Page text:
February 15, 2013
A New Hope: Death Star Campaign On Kickstarter
I love jokes, but come on, people.
It started with a petition for a Death Star that, ironically, garnered enough signatures from fans that it could be answered by The White House. We all knew that the petition wouldn’t gain any success in the long run, but it did pick up some impressive momentum along the way. It looks like that momentum hasn’t subsided yet, in spite of The White House’s denial, and has resurfaced through Kickstarter.
Kickstarter is an amazing pay-for-play website that allows artists and businesses to be funded at the interest and whim of the consumers. The way that most of these guys get their projects funded is by advertising their credentials in a short trailer or video. The idea behind Kickstarter is that most of us don’t have the funds to finance large projects like game development or movie production.
I love success in all its forms. In fact, I consider Kickstarter to be the greatest thing to come out of this decade for its support to independent developers and artists by implementing a genius form of supply and demand. With the help of consumers that want to see the project live, we can create practically anything at the amateur level.
But I draw the line at making a mockery of it.
WE CANNOT BUILD A DEATH STAR. For obvious reasons, so I won’t bother listing them. I thought that the petition to The White House was a little cute, despite the fact that such a trivial event might have very possibly caused distraction from more important matters in government. What that means is that I’m being hypocritical for accepting that, and not this.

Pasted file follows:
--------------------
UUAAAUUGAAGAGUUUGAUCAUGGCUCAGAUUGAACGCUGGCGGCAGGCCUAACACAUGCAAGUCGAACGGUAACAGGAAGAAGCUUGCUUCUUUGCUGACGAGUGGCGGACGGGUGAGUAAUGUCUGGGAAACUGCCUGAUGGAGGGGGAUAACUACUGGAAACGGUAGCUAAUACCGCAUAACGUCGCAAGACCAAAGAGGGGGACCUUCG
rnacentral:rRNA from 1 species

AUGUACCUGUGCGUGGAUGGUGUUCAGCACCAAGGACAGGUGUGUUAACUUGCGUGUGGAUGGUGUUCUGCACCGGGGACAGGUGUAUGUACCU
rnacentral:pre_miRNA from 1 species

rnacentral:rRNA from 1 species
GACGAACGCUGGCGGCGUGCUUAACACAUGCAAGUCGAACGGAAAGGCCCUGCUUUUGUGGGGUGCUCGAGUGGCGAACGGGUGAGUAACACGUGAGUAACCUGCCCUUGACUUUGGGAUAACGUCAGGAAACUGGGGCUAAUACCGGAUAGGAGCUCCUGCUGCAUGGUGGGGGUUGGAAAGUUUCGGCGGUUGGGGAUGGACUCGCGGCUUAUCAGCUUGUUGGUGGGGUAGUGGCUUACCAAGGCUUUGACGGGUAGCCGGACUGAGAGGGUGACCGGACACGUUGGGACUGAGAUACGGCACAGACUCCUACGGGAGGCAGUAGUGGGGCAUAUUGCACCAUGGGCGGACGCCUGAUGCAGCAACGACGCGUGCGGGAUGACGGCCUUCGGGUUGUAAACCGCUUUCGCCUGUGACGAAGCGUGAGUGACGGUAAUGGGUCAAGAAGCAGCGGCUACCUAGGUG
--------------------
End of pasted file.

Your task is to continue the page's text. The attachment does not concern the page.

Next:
I can accept that hypocrisy.
What I can’t accept is that tens of thousands of dollars have been dropped into the building of a Death Star that will never exist. With respect, the guys at Kickstarter have gone to say that they’re pulling the plug on the project as soon as the project has reached its deadline. With that being said, I can enhance my calm a bit.
I don’t mean to ruin what’s obviously a joke, but I’m bothered by how much of that money could have gone to the next big movie or video game. People within their bounds of realism know that a Death Star can never exist, but still contribute money to the cause. Why? That same money on such a massive scale could be devoted to a more serious matter.
I have an appreciation for Kickstarter and their support of amateurs, and I’d like to not see that aspect of them mocked. But this is all some big joke, and that is what bothers me about it. I’ll rest easy, but come on people.
Find something more productive to do.
Image Credit: Lucasfilm